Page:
Play A/Part – Research Project
Playing A/Part is an interdisciplinary project, exploring the identities and experiences of autistic girls and adolescents through creative and participatory research. It is a collaboration between the universities of Kent and Surrey, involving academics in drama, media arts and psychology. Funded by the Arts and Humanities Research Council, the project team includes a steering group of autistic women and a multidisciplinary advisory board.
By offering participants (aged 11-16) the opportunity to take part in a range of creative participatory activities, the project aims to gain insights into how autistic girls and adolescents experience themselves and their world. The research team are evaluating how creative activities affect self-awareness and wellbeing. The creative tools include improvisation, puppetry, storytelling and collaborative media production.
Limpsfield Grange is a partner in this research project, and will participate in each year of the four year study.
Quality of Life Project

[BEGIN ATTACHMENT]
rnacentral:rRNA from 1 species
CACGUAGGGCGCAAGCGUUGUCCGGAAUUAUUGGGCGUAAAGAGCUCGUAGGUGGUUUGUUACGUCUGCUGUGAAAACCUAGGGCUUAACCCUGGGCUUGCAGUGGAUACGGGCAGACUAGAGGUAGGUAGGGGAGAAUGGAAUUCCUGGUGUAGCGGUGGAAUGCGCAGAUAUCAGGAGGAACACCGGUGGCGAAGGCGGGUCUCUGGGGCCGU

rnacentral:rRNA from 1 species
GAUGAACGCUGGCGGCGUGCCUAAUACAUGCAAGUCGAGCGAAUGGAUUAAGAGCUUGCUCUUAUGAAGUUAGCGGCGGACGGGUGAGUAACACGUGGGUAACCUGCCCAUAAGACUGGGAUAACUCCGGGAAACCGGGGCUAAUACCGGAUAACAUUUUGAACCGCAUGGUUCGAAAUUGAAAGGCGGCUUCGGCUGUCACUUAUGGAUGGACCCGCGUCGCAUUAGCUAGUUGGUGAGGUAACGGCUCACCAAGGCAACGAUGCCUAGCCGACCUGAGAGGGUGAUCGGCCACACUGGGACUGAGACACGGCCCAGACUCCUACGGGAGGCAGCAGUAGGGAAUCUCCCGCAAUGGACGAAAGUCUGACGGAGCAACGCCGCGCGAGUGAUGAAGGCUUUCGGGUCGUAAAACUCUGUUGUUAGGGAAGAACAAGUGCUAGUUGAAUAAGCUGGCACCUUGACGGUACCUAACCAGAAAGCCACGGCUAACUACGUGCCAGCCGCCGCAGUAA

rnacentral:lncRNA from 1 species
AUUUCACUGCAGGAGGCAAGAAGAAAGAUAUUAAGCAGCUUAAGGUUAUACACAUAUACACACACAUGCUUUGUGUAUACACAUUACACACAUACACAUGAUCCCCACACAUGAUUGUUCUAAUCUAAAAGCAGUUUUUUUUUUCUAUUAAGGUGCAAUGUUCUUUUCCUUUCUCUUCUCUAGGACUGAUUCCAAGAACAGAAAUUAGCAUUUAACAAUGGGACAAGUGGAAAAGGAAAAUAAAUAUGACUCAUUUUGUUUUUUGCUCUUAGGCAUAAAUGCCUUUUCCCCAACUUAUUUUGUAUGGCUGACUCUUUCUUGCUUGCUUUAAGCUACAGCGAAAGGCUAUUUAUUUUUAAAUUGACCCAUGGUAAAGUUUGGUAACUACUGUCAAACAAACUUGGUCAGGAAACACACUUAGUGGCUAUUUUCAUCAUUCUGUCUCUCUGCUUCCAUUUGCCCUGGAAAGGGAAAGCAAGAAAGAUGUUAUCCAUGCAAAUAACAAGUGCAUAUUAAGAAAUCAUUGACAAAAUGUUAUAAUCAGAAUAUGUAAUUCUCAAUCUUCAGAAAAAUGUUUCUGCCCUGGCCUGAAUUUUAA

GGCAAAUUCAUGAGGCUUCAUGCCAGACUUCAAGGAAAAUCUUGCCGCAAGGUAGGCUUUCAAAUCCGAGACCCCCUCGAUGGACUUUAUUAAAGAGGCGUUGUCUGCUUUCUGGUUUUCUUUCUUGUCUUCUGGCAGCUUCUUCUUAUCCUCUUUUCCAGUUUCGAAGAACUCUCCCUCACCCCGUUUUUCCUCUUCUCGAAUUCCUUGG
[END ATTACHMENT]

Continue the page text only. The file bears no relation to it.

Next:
We are proud to be founding members of the Quality of Life Network, a group of schools investigating the factors that impact on the quality of life experienced by autistic children and young people and their families. Each term we use the Quality of Life Autism survey with students and their families to find out about their satisfaction with their lives. We use the data from these questionnaires in school to design our Wellbeing, Achievement, Communication and Independence curriculum and to offer support to our community of families.
Our data also feeds into the Quality of Life Network, who along with the Institute of Education identifies trends and themes that give us a growing national picture about autistic quality of life.
Kings College London – Research Project into the causes of Social Anxiety in Autistic Young People
Limpsfield Grange participated in a research project with King’s College London to explore the range of factors contributing towards anxiety in young people with autism. Social anxiety is one of the most common and disabling mental health problems in young people with autism, which has a significant impact on school performance and opportunities to form important peer relationships. Our participation in this research project enabled us to improve our understanding of social anxiety in young people with autism, and develop better interventions to target social anxiety at Limpsfield Grange as part of our Wellbeing Achievement Communication and Independence curriculum.